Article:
The handcrafted piece was first drawn out separately before vectoring and finishing it in Photoshop in only twenty-eight days. Smith documented the process and success of his work on his website and later in a video.

Both of these artists, Kanye West and John Mayer, did something that not many artists do these days: commission artwork. In John Mayer’s commission, people are claiming that he revived a type of lost art that is slowly coming back into popularity. These special commissions can add a certain uniqueness, beauty, and distinction for artists today.

Flux Playlist: Happy Mother's Day!

-Flux Blog Staff

It’s Mother’s day, which means it time for us to pay tribute to that special lady who made it all possible. After all of the years of bedtime stories and crust-less PB&J’s, it’s our turn to call up our mom’s and let them know just how much they mean to us. So we here at the Flux blog decided to pay tribute to our mothers the best way we know how: a playlist. So sit back and enjoy these songs that remind us about the lady who always knows best.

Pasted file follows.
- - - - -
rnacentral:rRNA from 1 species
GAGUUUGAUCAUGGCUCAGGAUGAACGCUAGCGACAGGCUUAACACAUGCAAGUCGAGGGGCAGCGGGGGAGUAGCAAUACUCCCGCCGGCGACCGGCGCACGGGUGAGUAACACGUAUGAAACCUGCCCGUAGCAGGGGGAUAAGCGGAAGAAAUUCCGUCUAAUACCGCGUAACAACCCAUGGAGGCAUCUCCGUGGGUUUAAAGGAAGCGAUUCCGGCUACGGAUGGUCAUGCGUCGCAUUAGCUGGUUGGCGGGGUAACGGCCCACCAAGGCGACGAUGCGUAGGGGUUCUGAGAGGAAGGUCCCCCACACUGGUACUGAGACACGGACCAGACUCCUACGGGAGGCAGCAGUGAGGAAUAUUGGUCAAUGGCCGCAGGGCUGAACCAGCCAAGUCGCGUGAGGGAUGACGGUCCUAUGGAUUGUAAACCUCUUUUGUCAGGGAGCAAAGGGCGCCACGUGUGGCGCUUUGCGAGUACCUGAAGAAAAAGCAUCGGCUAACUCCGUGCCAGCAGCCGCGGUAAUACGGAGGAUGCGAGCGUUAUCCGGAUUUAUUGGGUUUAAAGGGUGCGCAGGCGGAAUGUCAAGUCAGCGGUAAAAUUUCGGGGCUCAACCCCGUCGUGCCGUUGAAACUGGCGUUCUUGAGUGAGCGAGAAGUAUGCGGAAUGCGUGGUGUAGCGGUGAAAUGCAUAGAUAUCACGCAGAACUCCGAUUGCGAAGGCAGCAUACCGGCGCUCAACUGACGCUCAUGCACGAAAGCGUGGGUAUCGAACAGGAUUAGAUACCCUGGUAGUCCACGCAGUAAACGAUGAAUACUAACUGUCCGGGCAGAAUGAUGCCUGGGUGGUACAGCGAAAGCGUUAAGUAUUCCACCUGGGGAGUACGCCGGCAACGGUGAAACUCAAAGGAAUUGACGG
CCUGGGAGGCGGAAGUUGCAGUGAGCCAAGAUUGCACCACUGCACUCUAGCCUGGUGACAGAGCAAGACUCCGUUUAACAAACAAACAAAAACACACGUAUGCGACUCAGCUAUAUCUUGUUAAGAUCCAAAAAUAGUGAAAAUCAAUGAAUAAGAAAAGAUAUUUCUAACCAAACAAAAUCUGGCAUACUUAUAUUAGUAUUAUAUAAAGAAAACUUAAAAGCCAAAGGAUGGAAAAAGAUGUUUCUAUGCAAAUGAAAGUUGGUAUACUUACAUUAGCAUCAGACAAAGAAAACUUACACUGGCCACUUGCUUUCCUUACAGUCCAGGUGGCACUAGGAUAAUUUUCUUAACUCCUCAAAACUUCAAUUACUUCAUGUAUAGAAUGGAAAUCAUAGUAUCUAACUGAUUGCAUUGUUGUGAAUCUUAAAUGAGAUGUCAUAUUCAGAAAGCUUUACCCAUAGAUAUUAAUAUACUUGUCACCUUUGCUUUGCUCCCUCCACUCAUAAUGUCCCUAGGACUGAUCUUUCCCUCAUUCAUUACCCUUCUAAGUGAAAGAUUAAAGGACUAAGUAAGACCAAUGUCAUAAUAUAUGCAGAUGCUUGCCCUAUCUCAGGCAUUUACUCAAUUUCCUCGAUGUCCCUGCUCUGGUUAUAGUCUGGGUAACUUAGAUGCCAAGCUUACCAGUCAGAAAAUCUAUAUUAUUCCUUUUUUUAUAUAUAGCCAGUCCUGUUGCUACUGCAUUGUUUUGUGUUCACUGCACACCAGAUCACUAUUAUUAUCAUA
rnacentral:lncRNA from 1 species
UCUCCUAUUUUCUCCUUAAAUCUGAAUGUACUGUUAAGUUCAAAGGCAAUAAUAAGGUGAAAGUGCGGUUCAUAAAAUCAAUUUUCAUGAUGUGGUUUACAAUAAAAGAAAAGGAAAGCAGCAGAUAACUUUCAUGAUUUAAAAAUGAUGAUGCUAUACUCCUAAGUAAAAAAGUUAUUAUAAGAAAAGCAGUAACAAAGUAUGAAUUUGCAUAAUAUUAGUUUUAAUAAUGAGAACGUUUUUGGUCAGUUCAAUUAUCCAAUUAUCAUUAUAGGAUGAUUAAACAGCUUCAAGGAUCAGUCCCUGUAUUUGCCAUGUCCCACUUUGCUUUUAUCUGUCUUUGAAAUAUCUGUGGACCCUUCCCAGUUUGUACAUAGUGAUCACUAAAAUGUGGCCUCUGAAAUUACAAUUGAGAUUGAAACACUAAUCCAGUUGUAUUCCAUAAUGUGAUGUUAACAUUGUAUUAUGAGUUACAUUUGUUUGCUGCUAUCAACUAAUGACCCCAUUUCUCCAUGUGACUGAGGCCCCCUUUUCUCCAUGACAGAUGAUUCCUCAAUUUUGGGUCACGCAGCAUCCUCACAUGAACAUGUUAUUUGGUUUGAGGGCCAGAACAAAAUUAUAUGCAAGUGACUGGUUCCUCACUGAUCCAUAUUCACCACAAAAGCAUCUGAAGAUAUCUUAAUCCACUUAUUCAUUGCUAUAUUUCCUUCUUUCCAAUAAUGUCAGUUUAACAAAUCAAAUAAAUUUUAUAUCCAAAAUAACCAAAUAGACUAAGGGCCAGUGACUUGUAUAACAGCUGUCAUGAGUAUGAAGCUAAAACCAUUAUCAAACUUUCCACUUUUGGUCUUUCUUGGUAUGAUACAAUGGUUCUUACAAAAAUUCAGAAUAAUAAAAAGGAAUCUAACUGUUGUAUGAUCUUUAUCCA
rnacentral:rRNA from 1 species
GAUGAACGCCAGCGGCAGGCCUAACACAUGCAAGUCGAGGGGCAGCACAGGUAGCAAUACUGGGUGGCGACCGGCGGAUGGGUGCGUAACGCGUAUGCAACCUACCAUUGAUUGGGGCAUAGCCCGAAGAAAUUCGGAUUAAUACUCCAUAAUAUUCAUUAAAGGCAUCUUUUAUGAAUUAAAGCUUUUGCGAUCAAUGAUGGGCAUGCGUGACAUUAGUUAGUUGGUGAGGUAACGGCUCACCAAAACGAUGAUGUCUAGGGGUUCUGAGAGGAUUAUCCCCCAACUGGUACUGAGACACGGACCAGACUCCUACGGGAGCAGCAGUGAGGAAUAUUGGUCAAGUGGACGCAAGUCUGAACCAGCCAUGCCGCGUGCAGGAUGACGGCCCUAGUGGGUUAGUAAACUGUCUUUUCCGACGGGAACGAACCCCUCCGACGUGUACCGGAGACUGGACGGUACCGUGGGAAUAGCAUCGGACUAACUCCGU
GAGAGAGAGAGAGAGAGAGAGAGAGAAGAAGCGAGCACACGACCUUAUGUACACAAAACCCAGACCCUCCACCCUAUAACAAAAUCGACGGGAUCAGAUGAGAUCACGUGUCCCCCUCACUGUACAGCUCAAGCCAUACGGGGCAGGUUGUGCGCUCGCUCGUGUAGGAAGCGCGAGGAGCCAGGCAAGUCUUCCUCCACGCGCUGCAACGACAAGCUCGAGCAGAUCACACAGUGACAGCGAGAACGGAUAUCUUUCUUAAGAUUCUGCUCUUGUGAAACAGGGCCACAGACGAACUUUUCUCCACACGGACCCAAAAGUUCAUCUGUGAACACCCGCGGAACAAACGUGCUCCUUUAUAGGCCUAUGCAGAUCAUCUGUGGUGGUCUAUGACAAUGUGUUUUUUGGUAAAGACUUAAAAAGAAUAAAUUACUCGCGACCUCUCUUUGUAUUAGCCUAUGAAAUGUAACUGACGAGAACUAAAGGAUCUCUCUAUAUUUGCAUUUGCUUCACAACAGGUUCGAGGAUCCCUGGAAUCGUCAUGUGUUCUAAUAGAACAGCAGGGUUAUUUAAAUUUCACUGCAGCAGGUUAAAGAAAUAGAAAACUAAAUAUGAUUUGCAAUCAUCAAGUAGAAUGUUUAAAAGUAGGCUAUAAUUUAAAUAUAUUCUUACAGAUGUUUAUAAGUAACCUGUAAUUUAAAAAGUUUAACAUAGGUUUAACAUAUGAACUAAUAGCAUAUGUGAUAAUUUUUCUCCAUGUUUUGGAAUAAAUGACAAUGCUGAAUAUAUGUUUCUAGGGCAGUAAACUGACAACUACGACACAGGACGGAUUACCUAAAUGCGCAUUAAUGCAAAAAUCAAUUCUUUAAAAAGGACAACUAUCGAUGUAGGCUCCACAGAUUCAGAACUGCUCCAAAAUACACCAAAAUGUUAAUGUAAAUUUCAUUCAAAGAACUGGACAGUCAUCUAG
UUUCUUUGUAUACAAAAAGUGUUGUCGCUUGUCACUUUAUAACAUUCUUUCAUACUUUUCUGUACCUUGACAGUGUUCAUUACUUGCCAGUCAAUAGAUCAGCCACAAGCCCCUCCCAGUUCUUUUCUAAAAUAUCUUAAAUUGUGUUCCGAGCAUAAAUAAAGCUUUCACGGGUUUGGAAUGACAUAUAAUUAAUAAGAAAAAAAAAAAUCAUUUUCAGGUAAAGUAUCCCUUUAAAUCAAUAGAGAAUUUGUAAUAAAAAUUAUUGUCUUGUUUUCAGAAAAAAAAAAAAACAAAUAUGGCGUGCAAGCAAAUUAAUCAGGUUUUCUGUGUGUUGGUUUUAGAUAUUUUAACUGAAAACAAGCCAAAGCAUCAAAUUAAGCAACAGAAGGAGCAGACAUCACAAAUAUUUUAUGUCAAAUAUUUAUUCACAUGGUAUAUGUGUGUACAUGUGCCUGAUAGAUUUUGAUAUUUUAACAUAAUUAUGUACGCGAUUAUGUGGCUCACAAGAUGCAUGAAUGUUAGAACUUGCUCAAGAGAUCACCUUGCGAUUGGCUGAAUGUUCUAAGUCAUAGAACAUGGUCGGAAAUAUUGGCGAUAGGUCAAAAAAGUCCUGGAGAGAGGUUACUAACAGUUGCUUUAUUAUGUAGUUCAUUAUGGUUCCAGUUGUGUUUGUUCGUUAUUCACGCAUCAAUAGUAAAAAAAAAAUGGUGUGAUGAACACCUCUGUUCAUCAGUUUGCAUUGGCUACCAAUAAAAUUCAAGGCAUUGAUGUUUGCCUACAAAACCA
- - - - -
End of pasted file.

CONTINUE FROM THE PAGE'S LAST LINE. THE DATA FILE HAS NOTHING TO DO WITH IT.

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Mike

  • Hey Mama -Kanye West
  • Mama, I’m Coming Home -Ozzy Osbourne
  • Mother’s Little Helper -The Rolling Stones
  • Mother -Roger Waters

Jamie

  • The Best Day -Taylor Swift
  • Mama Said -The Shirelles
  • What a Wonderful World -Louis Armstrong
  • You’ll Be in My Heart -Phil Collins

Sam

  • Mama -The Lonely Island
  • Stacy’s Mom -Fountains of Wayne
  • I Hope You Dance -Leanae Womack
  • That’s All Right (Mama) -Elvis Presley

Jessica

  • Song for Mama -Boys II Men
  • I’ll Be There -Mac Miller
  • In My Daughter’s Eyes -Martina McBride

Diana

  • Dear Mama -2pac
  • Pumpkin Soup -Kate Nash
  • I Turn to You -Christina Aguilera

Tamara